“Many times, it makes sense that restaurants stay in Phase One, which is only takeout and delivery and outdoor dining,” Hollinger said. “I mean, it really comes down to the financials.”
Overall, about 40% of D.C. restaurants have still not opened their indoor dining rooms, Hollinger said.
“It’s been brutal,” Hollinger said of the COVID-19 pandemic’s impact on the District’s once-burgeoning food scene.
Only last December, Bloomberg called D.C., “the most exciting food city in America.”
Still, the restaurant industry is resilient, and Restaurant Week, itself, was actually “born from crisis,” Hollinger said.
In the aftermath of the Sept. 11 attacks, when many people avoided public gatherings, D.C. and New York both launched their now regular twice-a-year Restaurant Weeks to boost the struggling restaurant industry.
Alexandria goes fully to-go
Alexandria, which debuted its first Restaurant Week in 2009, is going entirely takeout this year. More than 60 restaurants are taking part between Aug. 21-30.
“The big change for us this year was to change the format from a traditional Restaurant Week to focus on ‘to-go,’ to be sensitive to what consumers are looking for and what’s good for the community, as well,” said Tom Kaiden, chief operating officer of Visit Alexandria, which organizes the event.
When Kaiden and his team began planning for the event earlier this year, he put together a “kitchen cabinet” of Alexandria’s top restaurateurs “across the spectrum in terms of the style of menu to help us think through what would be the best experience for guests,” he said.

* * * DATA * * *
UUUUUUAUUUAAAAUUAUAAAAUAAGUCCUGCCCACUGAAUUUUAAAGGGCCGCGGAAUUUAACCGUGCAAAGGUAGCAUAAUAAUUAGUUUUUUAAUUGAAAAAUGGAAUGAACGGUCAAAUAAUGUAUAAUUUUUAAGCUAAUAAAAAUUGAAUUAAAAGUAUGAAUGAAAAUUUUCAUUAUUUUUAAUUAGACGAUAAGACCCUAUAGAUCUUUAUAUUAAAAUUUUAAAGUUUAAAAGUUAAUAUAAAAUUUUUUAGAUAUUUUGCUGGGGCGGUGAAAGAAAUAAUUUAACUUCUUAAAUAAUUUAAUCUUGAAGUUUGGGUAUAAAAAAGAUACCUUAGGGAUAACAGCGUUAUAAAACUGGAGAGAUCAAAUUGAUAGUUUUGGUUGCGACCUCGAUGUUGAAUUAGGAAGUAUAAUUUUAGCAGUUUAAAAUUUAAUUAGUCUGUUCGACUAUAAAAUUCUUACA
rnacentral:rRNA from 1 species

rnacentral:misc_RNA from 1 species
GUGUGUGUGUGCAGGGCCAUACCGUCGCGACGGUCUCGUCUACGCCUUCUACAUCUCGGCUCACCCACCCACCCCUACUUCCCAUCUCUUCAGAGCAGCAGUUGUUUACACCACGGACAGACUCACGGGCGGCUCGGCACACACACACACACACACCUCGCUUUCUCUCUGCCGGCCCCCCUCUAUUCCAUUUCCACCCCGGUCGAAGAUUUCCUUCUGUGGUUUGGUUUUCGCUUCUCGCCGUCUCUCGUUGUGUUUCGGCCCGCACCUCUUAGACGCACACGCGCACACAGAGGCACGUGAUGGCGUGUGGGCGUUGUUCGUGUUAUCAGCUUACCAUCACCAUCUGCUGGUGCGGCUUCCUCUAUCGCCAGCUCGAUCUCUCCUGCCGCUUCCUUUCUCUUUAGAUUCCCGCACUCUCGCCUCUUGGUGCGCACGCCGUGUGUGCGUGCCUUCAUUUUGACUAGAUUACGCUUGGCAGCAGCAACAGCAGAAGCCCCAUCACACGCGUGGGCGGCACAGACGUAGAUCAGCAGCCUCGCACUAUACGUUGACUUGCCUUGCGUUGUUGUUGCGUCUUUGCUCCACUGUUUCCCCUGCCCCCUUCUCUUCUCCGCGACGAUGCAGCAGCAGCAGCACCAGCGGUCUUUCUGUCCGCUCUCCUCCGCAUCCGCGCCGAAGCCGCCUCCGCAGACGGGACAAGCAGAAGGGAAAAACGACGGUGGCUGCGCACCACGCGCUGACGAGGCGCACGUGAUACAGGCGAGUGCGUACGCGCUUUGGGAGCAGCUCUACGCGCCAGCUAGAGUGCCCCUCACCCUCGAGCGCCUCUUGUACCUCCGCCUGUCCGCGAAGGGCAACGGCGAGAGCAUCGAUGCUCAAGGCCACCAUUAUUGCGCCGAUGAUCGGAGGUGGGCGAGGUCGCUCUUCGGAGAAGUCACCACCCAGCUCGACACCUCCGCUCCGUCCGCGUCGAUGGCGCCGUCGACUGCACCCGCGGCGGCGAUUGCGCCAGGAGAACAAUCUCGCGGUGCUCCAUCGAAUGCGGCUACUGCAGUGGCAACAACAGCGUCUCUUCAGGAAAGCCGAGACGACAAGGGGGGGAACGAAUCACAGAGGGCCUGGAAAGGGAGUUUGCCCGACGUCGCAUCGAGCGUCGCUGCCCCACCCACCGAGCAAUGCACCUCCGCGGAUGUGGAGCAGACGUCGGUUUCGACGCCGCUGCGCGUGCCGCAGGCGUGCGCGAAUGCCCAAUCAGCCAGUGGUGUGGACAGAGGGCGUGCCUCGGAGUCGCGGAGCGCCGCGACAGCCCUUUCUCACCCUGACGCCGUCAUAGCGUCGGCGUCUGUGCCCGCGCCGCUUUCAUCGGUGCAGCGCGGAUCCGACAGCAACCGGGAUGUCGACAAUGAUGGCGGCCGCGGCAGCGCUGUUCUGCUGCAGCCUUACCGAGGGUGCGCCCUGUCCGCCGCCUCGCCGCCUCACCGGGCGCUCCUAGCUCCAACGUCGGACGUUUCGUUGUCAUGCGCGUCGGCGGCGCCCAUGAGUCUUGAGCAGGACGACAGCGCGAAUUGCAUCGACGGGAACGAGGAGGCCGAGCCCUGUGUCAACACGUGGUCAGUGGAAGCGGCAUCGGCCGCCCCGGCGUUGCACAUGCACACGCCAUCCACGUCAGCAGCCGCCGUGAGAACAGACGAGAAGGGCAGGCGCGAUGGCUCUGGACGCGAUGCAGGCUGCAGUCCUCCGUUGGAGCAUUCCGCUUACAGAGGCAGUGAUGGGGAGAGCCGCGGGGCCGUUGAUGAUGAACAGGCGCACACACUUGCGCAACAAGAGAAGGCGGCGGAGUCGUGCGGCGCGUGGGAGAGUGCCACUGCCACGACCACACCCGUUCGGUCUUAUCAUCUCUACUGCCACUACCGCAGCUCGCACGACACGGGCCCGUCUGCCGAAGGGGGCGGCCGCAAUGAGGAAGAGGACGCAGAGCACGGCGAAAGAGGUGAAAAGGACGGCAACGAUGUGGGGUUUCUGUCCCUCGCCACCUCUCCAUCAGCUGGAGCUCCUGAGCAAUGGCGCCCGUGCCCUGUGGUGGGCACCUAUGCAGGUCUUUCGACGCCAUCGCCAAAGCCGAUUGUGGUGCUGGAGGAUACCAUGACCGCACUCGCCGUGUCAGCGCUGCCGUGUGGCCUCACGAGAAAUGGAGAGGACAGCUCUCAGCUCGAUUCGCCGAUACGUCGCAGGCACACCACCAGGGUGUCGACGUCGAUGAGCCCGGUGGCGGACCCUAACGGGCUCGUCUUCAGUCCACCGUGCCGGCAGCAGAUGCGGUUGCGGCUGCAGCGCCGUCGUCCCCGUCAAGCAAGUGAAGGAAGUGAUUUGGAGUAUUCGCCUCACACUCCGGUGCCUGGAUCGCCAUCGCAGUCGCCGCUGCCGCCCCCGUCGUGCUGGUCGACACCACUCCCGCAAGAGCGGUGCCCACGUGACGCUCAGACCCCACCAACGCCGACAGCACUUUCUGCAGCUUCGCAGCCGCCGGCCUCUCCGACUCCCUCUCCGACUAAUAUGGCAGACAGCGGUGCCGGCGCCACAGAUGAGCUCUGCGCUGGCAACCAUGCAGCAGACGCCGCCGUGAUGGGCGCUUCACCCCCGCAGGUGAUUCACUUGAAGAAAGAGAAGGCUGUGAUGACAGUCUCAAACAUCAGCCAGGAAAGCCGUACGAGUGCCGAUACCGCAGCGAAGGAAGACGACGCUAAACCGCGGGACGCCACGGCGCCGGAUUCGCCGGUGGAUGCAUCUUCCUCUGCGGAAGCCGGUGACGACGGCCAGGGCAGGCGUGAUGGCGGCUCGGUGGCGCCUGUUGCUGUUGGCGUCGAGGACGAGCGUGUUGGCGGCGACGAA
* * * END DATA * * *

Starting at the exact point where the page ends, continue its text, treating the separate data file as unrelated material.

Organizers settled on a $49 takeout dinner for two deal. Some of the restaurants are also offering beer and specialty cocktails as part of the menu.
“The idea was … to make sure it was sort of a great value for consumers, but also a way for restaurants to build back up revenue, obviously in a time when it’s really challenging,” Kaiden said.
“The to-go experience really gives people a chance to sample the breadth of Alexandria over this 10 days.”
You can search for participating restaurants and browse their Restaurant Week menus on the Visit Alexandria website.
Kaiden said he hopes the community comes together to support Alexandria’s restaurant scene, noting several restaurants, such as Cheesetique, Spice Kraft Indian Bistro, Taqueria Picoso and Yunnan by Potomac Noodle House have provided free meals to hospital workers and first responders during the pandemic.
“At a time when they’re experiencing hardship, they have reached even deeper themselves to try to foster the strength of the community,” Kaiden said.
Next month: Fairfax City Restaurant Week
Next month, Fairfax City is also offering a to-go twist on its Restaurant Week, which runs from Sept. 13-20.
“As the week-long program moves forward this year its focus will be on the return, recovery, and support of the city’s independent dining establishments,” organizers said in a news release.
Participating restaurants will offer three-course lunch and brunch menus at $35 and $20 per-person, available for both dine-in and takeout meals.
You can see a list of participating restaurants online.